On the Burrup Peninsula in northwest Australia, uncontrolled emissions from the petrochemical industry threaten not only the region’s natural environment, but also its rich cultural heritage.

The strip of land is home to the Murujuga rock art, a collection of approximately one million petroglyphs depicting human figures, a cornucopia of animals, and several extinct species. It is also the site of a vast industrial complex including Australia’s largest gas producer, an ammonia plant and a urea plant which started in late April.

Development in the region began in the 1960s but was boosted following the discovery of offshore gas deposits which led to the construction of Australia’s largest petrochemical complex and an ongoing battle between ecologists and industrialists. Although previously reserved projects have been diverted elsewhere in Murujuga National Parkscientists and traditional custodians remain deeply concerned that current levels of acidic emissions from the petrochemical complex are damaging the etchings made in the reddish-brown rocks.

The ancient Aboriginal rock carving known as the

The ancient Aboriginal rock carving known as ‘Climbing Man’, believed to be thousands of years old, on the Burrup Peninsula in 2008. Photo: Greg Wood/AFP/Getty Images.

Industrialists operating on the Burrup Peninsula have long denied the impact of emissions on Murujuga rock art, sometimes using imperfect and misleading given to do so, but an investigative journal published by researchers at the University of Western Australia in Conservation and management of archaeological sites end of 2022 makes the case quite conclusive.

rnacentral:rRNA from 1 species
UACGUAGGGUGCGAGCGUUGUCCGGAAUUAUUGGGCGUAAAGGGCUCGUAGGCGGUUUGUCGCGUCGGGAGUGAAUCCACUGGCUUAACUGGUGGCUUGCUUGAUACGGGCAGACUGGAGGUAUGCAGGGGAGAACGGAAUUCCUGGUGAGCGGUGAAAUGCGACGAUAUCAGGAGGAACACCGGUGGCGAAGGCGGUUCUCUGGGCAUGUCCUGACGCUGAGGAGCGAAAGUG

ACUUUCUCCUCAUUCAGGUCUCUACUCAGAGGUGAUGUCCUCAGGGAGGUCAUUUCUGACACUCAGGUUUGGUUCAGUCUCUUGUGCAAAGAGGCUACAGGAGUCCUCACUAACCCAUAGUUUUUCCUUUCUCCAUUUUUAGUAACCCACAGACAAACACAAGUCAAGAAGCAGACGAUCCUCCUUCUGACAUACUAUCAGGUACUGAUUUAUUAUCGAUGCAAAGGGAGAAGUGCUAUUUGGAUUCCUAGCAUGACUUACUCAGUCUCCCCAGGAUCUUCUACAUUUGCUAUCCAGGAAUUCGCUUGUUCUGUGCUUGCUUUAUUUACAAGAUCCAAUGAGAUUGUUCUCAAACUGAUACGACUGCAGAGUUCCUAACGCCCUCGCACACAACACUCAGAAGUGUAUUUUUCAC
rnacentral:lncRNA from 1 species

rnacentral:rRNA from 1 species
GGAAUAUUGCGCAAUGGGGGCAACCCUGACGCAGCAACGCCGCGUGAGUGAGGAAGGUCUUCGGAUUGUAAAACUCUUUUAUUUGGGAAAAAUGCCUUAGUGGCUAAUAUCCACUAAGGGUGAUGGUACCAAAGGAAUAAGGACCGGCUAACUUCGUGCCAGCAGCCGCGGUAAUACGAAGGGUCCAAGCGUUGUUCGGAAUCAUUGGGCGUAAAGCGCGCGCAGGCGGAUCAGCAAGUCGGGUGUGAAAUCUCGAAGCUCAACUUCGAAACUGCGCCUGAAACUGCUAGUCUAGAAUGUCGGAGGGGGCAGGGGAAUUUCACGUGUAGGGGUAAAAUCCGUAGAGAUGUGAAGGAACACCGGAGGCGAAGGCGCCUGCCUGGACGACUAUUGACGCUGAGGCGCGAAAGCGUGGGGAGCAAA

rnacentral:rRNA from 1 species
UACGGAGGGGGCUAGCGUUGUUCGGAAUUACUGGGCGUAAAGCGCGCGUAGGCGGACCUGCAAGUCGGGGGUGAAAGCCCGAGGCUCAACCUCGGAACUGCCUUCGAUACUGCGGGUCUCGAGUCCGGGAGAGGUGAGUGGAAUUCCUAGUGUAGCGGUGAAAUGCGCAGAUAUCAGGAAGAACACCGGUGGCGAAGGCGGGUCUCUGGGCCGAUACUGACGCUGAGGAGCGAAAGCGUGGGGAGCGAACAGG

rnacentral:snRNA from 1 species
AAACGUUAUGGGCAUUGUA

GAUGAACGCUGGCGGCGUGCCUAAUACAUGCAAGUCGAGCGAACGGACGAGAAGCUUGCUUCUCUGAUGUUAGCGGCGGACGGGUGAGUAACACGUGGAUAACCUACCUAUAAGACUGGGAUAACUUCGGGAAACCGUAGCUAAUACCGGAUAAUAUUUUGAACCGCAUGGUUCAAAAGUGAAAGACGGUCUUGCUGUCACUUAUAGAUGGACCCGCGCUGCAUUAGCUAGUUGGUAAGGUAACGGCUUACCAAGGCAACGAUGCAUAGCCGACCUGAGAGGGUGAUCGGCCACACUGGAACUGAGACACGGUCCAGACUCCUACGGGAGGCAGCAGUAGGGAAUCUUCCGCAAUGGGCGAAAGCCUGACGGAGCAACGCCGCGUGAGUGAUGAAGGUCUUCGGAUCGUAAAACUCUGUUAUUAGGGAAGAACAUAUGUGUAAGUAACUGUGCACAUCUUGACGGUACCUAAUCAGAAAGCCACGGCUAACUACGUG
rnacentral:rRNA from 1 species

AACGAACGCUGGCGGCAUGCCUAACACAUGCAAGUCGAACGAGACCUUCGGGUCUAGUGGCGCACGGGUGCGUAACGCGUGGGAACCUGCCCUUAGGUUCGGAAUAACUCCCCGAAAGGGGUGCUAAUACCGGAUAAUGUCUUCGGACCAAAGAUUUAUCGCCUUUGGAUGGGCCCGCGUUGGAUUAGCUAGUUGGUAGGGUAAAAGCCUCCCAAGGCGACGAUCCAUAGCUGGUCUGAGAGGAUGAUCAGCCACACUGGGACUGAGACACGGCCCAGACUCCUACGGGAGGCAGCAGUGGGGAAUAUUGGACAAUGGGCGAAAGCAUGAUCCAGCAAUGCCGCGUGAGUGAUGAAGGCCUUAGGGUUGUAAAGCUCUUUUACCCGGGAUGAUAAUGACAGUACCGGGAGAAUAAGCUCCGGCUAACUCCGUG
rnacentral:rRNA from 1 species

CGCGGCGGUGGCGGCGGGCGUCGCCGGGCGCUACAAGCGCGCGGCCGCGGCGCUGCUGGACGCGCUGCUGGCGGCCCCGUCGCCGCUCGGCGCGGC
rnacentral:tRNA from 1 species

The study, titled “Monitoring Rock Art Decay: Archival Image Analysis of Petroglyphs on Murujuga, Western Australia,” compared 26 photographs of petroglyphs taken before industrialization and compared them to recent photographs. Half of the petroglyphs showed signs of change and two others showed signs of significant damage. With the exception of two petroglyphs, all were located close to the industrial zone.

The article cites three main ways in which industrial activity damages the rocks of Murujuga: mechanical removal during land clearing, acidic dust which, when mixed with water, erodes the surface of the rock, and the increase in the number of graffiti, trampling and theft.

blacksmith rock art australia

Images comparing the 1974 photo to the 2021 photo show damage to the fish petroglyph, red arrows show peeling rock varnish. Photo: Benjamin Smith ‘Monitoring the degradation of rock art’.

The presence of acidic chemicals emitted by industry is of particular concern to scientists and traditional custodians. The rocks at Murujuga have a patina built up from mineralization, which Aboriginal artists scraped and scraped away to reveal the gray rock beneath and create their images. The paper warns that high concentrations of acid can completely dissolve the outer veneer of these rocks.

“If emissions are reduced quickly at Murujuga, the evidence presented in this paper suggests that damage to rock art may be limited and this extraordinary place may remain largely untouched for future generations,” the authors wrote. .

The rock art at Murujuga dates back over 40,000 years, but came to a halt in 1868 when European settlers massacred the local Yaburara people in what is known as the Flying Foam Massacre.

See more images from the study below.

The rocks of Murujuga

Images comparing the 1973 photo to the 2021 photo show damage to the patterned petroglyph. Photo: Benjamin Smith “Monitoring the degradation of rock art”.

rock art australia petroglyph murujuga rocks

Images comparing the 1988 photo to the 2021 photo show damage to the petroglyph thought to be from lightning. Photo: Benjamin Smith “Monitoring the degradation of rock art”.

rock art australia

Images comparing the 1970 photo to the 2021 photo show damage to the bird petroglyph. Photo: Benjamin Smith “Monitoring the degradation of rock art”.

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